Buy Cheerios, Wheaties or any other General Mills Product and You Give up the Right to Sue over False Advertising, Mislabeling…or Anything Else

Friday, April 18, 2014
(AP photo)

The company that sells Cheerios and other popular foods says consumers who purchase its products should be prohibited from suing it no matter how wrong its actions might be.


General Mills, which produces Chex, Bisquick, Betty Crocker products and more, claims it can deny Americans their day in court if they buy any of the company’s goods. The same prohibition applies if a consumer does any of the following: download coupons, “friend” it on Facebook or join it through other online communities, or enter a company-sponsored sweepstakes.


The food manufacturer claims it can impose these due-process restrictions by simply amending its “legal terms” found on the General Mills website.


If a consumer has a problem with the company, it should have to submit to “forced’ arbitration, instead of suing in court, the company says.


General Mills has settled multiple cases out of court recently that involved allegations of misleading marketing of its products.


It paid $8.5 million last year to resolve lawsuits contending its Yoplait Yoplus yogurt wasn’t as healthy as General Mills claimed.


The year before, the company settled another suit by removing the word “strawberry” from the packaging labels for Strawberry Fruit Roll-Ups, which did not contain any of the fruit.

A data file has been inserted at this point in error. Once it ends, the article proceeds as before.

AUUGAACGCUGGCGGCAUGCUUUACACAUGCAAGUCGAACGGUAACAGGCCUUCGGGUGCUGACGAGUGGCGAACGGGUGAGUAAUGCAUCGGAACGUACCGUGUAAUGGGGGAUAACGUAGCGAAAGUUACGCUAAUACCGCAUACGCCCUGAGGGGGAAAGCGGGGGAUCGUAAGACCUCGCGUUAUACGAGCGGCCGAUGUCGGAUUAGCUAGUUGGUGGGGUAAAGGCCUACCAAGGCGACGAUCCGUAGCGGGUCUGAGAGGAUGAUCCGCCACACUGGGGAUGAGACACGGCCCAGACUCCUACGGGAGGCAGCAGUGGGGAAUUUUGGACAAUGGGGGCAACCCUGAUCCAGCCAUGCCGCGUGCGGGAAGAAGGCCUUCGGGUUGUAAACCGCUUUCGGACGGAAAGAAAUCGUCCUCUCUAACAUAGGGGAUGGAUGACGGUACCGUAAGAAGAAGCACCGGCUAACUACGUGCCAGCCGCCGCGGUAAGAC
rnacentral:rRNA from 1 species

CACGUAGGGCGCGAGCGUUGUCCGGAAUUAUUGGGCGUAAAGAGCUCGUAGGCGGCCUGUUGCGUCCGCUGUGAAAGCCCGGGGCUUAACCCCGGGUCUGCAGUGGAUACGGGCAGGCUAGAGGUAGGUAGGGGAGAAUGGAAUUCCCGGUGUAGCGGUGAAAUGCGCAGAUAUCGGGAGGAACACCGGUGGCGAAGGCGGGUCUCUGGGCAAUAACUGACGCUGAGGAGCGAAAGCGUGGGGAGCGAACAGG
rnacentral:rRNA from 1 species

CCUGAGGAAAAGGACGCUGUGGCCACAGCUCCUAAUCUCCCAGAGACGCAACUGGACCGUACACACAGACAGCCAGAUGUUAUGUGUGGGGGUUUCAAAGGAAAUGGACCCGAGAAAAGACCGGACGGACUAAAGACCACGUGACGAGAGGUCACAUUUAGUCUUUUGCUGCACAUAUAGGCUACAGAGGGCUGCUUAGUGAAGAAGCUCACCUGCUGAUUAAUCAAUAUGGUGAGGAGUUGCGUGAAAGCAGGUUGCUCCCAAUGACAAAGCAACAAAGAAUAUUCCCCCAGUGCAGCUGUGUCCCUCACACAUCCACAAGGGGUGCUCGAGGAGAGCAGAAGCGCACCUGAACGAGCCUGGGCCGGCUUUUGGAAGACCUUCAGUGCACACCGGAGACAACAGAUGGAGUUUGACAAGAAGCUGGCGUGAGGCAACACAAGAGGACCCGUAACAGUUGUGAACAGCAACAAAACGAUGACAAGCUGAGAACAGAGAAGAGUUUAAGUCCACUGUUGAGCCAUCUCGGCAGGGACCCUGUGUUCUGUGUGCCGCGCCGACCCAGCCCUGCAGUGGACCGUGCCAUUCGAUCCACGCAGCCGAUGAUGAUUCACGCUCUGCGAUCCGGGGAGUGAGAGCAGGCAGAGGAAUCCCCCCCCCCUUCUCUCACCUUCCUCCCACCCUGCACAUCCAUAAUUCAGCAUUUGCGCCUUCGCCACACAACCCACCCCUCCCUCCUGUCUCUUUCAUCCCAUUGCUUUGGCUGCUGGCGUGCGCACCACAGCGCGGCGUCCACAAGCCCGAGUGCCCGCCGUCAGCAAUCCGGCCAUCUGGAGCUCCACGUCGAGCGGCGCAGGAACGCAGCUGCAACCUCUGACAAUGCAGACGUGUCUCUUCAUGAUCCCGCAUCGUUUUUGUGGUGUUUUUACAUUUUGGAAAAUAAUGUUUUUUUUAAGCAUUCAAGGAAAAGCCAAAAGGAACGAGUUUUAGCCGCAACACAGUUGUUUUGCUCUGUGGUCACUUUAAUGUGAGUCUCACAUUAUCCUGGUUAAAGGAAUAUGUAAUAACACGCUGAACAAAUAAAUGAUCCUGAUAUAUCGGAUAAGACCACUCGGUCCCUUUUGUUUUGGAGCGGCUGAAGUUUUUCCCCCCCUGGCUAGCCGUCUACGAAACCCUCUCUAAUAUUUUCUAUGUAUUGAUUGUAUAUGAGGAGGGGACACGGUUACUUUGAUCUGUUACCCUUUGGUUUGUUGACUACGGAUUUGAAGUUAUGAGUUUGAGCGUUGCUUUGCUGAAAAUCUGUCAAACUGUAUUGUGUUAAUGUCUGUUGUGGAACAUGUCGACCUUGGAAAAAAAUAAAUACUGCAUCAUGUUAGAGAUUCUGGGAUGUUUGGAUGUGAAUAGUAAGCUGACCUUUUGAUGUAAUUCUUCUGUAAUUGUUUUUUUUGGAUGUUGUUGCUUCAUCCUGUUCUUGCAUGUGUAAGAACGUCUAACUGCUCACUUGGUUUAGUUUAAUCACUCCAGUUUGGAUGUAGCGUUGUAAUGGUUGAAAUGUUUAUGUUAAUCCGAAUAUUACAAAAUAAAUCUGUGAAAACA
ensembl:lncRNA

Currently, General Mills is fighting a case in California, where two women have sued over the company’s claim that Nature Valley products are “natural,” even though they contain genetically engineered ingredients as well as high-fructose corn syrup and maltodextrin.


“Although this is the first case I’ve seen of a food company moving in this direction, others will follow — why wouldn’t you?” Julia Duncan, director of federal programs and an arbitration expert at the American Association for Justice, a trade group representing plaintiff trial lawyers, told The New York Times. “It’s essentially trying to protect the company from all accountability, even when it lies, or say, an employee deliberately adds broken glass to a product.”


Given General Mills’ new wide-ranging “legal terms,” what if someone merely visits the company’s website? Does that mean that person has agreed to General Mills’ terms, and must submit to forced arbitration in the event of some future dispute?


“We really don’t know,” Scott L. Nelson, a lawyer at Public Citizen, told the Times. “[But] you can bet there will be some subpoenas for computer hard drives in the future.”

-Noel Brinkerhoff


To Learn More:

When ‘Liking’ a Brand Online Voids the Right to Sue (by Stephanie Strom, New York Times)

Legal Terms (General Mills)

Supreme Court Supports Companies Forcing Arbitration as Alternative to Class Action Suits (by Matt Bewig, AllGov)

Federal Judge Rules General Mills Is Allowed to Mislead Consumers about “Fruit” Products that Contain No Fruit (by Noel Brinkerhoff, AllGov)

FDA Says Cheerios Health Claims Unsubstantiated (by Noel Brinkerhoff, AllGov)


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